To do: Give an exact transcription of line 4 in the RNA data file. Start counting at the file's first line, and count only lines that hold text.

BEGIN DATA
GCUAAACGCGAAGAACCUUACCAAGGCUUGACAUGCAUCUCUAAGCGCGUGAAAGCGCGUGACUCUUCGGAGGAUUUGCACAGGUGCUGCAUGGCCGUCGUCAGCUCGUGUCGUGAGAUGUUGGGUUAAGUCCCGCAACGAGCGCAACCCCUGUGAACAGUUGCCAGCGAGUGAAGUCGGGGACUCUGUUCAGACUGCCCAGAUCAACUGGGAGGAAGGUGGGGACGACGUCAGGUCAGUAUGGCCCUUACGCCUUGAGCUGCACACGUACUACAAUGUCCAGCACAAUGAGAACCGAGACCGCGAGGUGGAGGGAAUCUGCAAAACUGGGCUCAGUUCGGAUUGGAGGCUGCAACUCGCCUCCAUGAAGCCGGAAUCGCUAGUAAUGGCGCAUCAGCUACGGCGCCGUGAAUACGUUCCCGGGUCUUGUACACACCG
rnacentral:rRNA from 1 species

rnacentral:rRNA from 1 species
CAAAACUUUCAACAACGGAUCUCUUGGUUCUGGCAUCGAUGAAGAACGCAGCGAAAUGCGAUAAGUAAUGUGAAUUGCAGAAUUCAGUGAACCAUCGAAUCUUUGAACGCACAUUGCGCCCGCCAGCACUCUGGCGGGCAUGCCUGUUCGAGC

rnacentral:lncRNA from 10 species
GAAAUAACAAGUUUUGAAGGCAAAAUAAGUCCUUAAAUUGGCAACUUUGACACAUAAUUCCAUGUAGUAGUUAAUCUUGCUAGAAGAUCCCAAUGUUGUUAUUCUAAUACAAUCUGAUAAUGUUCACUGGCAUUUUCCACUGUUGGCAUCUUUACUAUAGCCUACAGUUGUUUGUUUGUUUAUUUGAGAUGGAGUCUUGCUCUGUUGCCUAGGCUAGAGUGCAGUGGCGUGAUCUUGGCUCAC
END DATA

CAAAACUUUCAACAACGGAUCUCUUGGUUCUGGCAUCGAUGAAGAACGCAGCGAAAUGCGAUAAGUAAUGUGAAUUGCAGAAUUCAGUGAACCAUCGAAUCUUUGAACGCACAUUGCGCCCGCCAGCACUCUGGCGGGCAUGCCUGUUCGAGC